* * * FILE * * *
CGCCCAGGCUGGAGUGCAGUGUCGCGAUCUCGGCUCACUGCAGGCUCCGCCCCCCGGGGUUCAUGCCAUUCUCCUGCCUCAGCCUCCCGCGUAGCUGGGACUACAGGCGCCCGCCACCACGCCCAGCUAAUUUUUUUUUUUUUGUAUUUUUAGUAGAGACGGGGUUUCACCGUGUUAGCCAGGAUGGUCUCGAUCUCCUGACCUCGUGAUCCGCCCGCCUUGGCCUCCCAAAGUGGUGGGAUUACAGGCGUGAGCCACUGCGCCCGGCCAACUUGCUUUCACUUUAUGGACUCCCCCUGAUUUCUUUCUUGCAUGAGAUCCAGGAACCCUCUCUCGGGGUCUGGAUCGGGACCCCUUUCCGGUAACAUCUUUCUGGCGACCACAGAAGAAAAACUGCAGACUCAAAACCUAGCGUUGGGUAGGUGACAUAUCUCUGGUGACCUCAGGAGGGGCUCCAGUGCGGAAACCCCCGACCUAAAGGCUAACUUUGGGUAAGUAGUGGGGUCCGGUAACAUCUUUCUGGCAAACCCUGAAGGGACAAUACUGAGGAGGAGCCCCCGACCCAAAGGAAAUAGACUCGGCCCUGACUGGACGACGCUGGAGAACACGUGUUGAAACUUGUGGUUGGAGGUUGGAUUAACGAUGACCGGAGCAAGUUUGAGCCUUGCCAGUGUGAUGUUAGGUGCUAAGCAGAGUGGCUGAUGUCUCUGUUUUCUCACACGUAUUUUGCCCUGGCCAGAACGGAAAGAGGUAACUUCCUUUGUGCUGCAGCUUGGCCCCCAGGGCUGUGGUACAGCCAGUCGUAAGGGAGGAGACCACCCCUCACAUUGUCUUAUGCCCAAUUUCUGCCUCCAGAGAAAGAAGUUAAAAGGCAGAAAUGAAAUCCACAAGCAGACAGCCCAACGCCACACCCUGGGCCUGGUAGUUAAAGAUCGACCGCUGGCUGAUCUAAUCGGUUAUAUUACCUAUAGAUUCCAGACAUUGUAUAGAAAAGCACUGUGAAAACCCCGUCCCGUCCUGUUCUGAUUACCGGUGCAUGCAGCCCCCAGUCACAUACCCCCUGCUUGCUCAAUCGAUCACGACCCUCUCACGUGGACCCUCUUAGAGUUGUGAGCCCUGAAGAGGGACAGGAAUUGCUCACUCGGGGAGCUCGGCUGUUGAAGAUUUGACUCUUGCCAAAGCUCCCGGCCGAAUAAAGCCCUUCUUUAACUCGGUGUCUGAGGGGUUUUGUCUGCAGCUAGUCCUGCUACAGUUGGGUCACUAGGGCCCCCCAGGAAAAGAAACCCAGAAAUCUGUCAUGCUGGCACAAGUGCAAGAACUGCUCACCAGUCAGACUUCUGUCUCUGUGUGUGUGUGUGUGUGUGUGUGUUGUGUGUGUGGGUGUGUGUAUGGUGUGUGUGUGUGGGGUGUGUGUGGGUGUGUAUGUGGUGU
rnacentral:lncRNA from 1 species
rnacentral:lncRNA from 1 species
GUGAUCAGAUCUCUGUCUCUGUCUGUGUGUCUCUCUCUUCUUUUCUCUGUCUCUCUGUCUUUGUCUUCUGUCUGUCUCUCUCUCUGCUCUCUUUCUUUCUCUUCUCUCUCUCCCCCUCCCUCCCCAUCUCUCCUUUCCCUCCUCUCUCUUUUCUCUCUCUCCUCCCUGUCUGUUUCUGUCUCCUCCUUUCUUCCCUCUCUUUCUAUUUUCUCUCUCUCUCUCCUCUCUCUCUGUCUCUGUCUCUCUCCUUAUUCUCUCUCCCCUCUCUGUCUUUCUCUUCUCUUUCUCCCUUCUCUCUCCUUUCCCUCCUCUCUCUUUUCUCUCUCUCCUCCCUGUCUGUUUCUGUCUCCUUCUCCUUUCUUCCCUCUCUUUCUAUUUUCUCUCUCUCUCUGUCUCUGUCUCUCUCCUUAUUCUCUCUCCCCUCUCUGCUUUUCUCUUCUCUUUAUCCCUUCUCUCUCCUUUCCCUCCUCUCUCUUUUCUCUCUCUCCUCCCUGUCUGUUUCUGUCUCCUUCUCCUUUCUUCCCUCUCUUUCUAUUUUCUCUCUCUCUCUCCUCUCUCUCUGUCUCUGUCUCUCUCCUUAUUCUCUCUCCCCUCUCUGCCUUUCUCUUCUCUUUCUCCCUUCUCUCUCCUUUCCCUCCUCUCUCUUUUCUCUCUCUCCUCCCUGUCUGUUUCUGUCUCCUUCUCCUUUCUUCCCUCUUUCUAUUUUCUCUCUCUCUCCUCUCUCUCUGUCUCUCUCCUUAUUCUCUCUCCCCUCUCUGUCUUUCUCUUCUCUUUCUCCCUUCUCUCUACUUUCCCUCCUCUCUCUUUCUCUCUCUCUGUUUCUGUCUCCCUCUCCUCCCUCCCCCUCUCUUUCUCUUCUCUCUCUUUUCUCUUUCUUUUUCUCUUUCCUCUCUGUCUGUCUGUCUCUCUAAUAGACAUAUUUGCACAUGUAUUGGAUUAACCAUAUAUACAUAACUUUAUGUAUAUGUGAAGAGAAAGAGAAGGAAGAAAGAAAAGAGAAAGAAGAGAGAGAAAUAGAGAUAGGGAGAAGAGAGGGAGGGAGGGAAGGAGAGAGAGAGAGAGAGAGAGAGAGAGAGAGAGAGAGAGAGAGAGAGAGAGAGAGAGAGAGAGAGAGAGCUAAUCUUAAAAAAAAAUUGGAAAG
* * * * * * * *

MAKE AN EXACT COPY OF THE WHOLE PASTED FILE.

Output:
CGCCCAGGCUGGAGUGCAGUGUCGCGAUCUCGGCUCACUGCAGGCUCCGCCCCCCGGGGUUCAUGCCAUUCUCCUGCCUCAGCCUCCCGCGUAGCUGGGACUACAGGCGCCCGCCACCACGCCCAGCUAAUUUUUUUUUUUUUGUAUUUUUAGUAGAGACGGGGUUUCACCGUGUUAGCCAGGAUGGUCUCGAUCUCCUGACCUCGUGAUCCGCCCGCCUUGGCCUCCCAAAGUGGUGGGAUUACAGGCGUGAGCCACUGCGCCCGGCCAACUUGCUUUCACUUUAUGGACUCCCCCUGAUUUCUUUCUUGCAUGAGAUCCAGGAACCCUCUCUCGGGGUCUGGAUCGGGACCCCUUUCCGGUAACAUCUUUCUGGCGACCACAGAAGAAAAACUGCAGACUCAAAACCUAGCGUUGGGUAGGUGACAUAUCUCUGGUGACCUCAGGAGGGGCUCCAGUGCGGAAACCCCCGACCUAAAGGCUAACUUUGGGUAAGUAGUGGGGUCCGGUAACAUCUUUCUGGCAAACCCUGAAGGGACAAUACUGAGGAGGAGCCCCCGACCCAAAGGAAAUAGACUCGGCCCUGACUGGACGACGCUGGAGAACACGUGUUGAAACUUGUGGUUGGAGGUUGGAUUAACGAUGACCGGAGCAAGUUUGAGCCUUGCCAGUGUGAUGUUAGGUGCUAAGCAGAGUGGCUGAUGUCUCUGUUUUCUCACACGUAUUUUGCCCUGGCCAGAACGGAAAGAGGUAACUUCCUUUGUGCUGCAGCUUGGCCCCCAGGGCUGUGGUACAGCCAGUCGUAAGGGAGGAGACCACCCCUCACAUUGUCUUAUGCCCAAUUUCUGCCUCCAGAGAAAGAAGUUAAAAGGCAGAAAUGAAAUCCACAAGCAGACAGCCCAACGCCACACCCUGGGCCUGGUAGUUAAAGAUCGACCGCUGGCUGAUCUAAUCGGUUAUAUUACCUAUAGAUUCCAGACAUUGUAUAGAAAAGCACUGUGAAAACCCCGUCCCGUCCUGUUCUGAUUACCGGUGCAUGCAGCCCCCAGUCACAUACCCCCUGCUUGCUCAAUCGAUCACGACCCUCUCACGUGGACCCUCUUAGAGUUGUGAGCCCUGAAGAGGGACAGGAAUUGCUCACUCGGGGAGCUCGGCUGUUGAAGAUUUGACUCUUGCCAAAGCUCCCGGCCGAAUAAAGCCCUUCUUUAACUCGGUGUCUGAGGGGUUUUGUCUGCAGCUAGUCCUGCUACAGUUGGGUCACUAGGGCCCCCCAGGAAAAGAAACCCAGAAAUCUGUCAUGCUGGCACAAGUGCAAGAACUGCUCACCAGUCAGACUUCUGUCUCUGUGUGUGUGUGUGUGUGUGUGUGUUGUGUGUGUGGGUGUGUGUAUGGUGUGUGUGUGUGGGGUGUGUGUGGGUGUGUAUGUGGUGU
rnacentral:lncRNA from 1 species
rnacentral:lncRNA from 1 species
GUGAUCAGAUCUCUGUCUCUGUCUGUGUGUCUCUCUCUUCUUUUCUCUGUCUCUCUGUCUUUGUCUUCUGUCUGUCUCUCUCUCUGCUCUCUUUCUUUCUCUUCUCUCUCUCCCCCUCCCUCCCCAUCUCUCCUUUCCCUCCUCUCUCUUUUCUCUCUCUCCUCCCUGUCUGUUUCUGUCUCCUCCUUUCUUCCCUCUCUUUCUAUUUUCUCUCUCUCUCUCCUCUCUCUCUGUCUCUGUCUCUCUCCUUAUUCUCUCUCCCCUCUCUGUCUUUCUCUUCUCUUUCUCCCUUCUCUCUCCUUUCCCUCCUCUCUCUUUUCUCUCUCUCCUCCCUGUCUGUUUCUGUCUCCUUCUCCUUUCUUCCCUCUCUUUCUAUUUUCUCUCUCUCUCUGUCUCUGUCUCUCUCCUUAUUCUCUCUCCCCUCUCUGCUUUUCUCUUCUCUUUAUCCCUUCUCUCUCCUUUCCCUCCUCUCUCUUUUCUCUCUCUCCUCCCUGUCUGUUUCUGUCUCCUUCUCCUUUCUUCCCUCUCUUUCUAUUUUCUCUCUCUCUCUCCUCUCUCUCUGUCUCUGUCUCUCUCCUUAUUCUCUCUCCCCUCUCUGCCUUUCUCUUCUCUUUCUCCCUUCUCUCUCCUUUCCCUCCUCUCUCUUUUCUCUCUCUCCUCCCUGUCUGUUUCUGUCUCCUUCUCCUUUCUUCCCUCUUUCUAUUUUCUCUCUCUCUCCUCUCUCUCUGUCUCUCUCCUUAUUCUCUCUCCCCUCUCUGUCUUUCUCUUCUCUUUCUCCCUUCUCUCUACUUUCCCUCCUCUCUCUUUCUCUCUCUCUGUUUCUGUCUCCCUCUCCUCCCUCCCCCUCUCUUUCUCUUCUCUCUCUUUUCUCUUUCUUUUUCUCUUUCCUCUCUGUCUGUCUGUCUCUCUAAUAGACAUAUUUGCACAUGUAUUGGAUUAACCAUAUAUACAUAACUUUAUGUAUAUGUGAAGAGAAAGAGAAGGAAGAAAGAAAAGAGAAAGAAGAGAGAGAAAUAGAGAUAGGGAGAAGAGAGGGAGGGAGGGAAGGAGAGAGAGAGAGAGAGAGAGAGAGAGAGAGAGAGAGAGAGAGAGAGAGAGAGAGAGAGAGAGAGAGAGCUAAUCUUAAAAAAAAAUUGGAAAG